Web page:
Tuesday, July 21, 2009

Welcome to the Jiis blog

Ora Ahimeir, Director General
Welcome to the Jerusalem Institute for Israel Studies blog
where you can read and comment on ongoing events and studies
including our activity reports and press columns.

Thursday, July 2, 2009

Internal Migration Between Regions, 1967-2007


Eitan Bluer

from: City in Numbers

Since the end of the 1970s a bi-national, Jewish-Arab, metropolitan area has formed and grown around Jerusalem. The development of the metropolitan area is the result of a process of suburbanization, expressed in the movement of population and economic activities from Jerusalem out to the areas surrounding it. In parallel to this exodus, many and varied ties have developed between Jerusalem and its environs: economic activity, cultural and religious activities, infrastructure, tourism, and population migration – both change of residence and commuting.

These connections have transformed the metropolitan area into a multi-functional expanse serving both the city and the outlying areas. It is therefore difficult to separate what goes on in the jurisdiction of the city and in the whole metropolitan area, which is composed of many different localities.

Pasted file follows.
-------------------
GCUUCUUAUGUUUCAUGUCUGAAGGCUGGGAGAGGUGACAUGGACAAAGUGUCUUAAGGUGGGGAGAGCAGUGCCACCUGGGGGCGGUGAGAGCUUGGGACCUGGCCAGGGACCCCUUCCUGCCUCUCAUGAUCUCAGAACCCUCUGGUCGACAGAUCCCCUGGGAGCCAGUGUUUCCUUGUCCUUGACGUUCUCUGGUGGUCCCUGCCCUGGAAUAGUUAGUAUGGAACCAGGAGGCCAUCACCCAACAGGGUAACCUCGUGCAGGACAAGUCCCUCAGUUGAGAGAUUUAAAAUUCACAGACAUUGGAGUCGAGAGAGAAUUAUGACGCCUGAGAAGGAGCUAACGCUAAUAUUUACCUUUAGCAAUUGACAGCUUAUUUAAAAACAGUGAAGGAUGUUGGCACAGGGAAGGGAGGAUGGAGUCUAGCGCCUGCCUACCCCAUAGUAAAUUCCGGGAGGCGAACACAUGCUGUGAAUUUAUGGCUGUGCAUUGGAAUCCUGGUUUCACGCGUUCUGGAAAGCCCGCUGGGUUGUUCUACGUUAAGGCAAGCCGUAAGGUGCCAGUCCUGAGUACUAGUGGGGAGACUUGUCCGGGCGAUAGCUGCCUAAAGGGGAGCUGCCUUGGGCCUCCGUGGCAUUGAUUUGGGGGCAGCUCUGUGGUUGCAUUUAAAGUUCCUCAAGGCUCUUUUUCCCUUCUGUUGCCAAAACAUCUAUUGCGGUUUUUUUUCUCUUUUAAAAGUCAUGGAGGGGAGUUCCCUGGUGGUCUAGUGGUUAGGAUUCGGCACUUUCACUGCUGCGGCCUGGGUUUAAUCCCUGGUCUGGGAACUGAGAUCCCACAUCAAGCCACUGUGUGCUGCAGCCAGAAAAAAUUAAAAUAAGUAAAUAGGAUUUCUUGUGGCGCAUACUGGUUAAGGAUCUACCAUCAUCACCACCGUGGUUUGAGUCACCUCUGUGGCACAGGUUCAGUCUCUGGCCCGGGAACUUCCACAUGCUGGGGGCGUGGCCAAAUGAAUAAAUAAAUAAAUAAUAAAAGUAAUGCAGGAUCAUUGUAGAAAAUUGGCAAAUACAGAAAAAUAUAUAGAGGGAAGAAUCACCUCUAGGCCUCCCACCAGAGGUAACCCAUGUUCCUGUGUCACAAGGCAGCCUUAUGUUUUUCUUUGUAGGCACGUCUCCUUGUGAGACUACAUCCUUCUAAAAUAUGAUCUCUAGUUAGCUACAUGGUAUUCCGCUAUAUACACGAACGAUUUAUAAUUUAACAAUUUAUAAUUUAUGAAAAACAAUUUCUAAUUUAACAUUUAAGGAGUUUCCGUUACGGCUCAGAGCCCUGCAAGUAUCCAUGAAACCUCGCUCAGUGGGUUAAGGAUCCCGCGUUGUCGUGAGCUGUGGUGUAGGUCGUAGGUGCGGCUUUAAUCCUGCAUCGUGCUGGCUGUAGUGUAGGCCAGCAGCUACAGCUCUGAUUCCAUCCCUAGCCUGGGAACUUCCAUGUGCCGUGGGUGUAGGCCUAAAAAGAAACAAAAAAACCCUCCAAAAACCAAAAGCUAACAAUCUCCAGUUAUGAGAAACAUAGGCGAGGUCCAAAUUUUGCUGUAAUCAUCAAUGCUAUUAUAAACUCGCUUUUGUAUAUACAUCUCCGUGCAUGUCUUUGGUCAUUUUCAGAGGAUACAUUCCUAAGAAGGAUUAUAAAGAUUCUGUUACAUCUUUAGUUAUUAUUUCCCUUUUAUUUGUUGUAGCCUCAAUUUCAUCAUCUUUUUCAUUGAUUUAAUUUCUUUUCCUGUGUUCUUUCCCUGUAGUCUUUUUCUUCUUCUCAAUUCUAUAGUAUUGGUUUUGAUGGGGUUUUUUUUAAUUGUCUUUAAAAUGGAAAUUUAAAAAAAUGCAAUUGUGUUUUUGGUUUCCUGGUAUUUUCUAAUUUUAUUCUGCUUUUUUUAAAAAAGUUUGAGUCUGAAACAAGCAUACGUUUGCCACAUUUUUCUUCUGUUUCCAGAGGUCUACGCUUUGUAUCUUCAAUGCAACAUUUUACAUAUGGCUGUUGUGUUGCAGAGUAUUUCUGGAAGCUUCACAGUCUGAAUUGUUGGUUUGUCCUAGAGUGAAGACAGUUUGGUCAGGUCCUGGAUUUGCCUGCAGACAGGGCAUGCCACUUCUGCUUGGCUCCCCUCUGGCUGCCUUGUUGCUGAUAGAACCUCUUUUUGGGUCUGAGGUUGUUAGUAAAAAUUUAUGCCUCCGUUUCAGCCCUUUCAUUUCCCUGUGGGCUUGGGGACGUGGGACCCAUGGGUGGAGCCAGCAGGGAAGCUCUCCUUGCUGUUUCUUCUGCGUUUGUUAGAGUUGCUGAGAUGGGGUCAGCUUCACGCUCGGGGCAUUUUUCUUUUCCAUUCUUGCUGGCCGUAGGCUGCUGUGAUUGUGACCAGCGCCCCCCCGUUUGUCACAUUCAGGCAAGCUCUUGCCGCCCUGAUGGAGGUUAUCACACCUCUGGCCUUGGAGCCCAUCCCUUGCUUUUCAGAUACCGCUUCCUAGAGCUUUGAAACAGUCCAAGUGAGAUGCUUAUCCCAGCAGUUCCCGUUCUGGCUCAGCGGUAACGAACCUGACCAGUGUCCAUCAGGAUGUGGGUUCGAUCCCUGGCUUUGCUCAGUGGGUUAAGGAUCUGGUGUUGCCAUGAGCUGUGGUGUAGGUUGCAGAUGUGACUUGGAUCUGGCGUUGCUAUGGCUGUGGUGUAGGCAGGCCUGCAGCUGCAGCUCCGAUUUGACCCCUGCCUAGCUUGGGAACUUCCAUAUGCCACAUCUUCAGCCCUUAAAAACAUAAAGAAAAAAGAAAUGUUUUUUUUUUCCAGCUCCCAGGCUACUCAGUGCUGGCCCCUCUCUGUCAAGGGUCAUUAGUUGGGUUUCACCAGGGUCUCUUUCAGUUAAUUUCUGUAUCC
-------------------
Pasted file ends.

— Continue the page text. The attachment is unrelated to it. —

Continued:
Statistics on the outward migration from Jerusalem demonstrate the process of development of the Jewish metropolitan area surrounding Jerusalem. One finds that the Jewish population leaving Jerusalem for surrounding areas close to the city (the Jerusalem district, Judea and Samaria) has grown from 6% of all those leaving the city in the years 1967-1976 to 32% in the years 1977-1986, 45% in the years 1987-1996, and up to 51% in the last decade. That is, in recent years half of the residents who left the city of Jerusalem remained in the area, choosing to move to surrounding localities.

The graph displays the balance of migration between Jerusalem and other regions of the country, showing the trend of metropolitanization. The negative balance of migration between Jerusalem and the surrounding localities – of metropolitan Jerusalem, Judea and Samaria – has grown higher and higher. That is, the gap between the number of residents leaving Jerusalem for the metropolitan area and those coming in from the area into the city has widened: more have left the city than came into it.

From a comparison between the direction of migration between Jerusalem and other regions of the country one learns that over the last four decades Jerusalem has had a positive balance of migration in relation to Haifa, the north, and the south, but a negative one in relation to the Tel Aviv and central regions – a trend which has been growing over the last decade.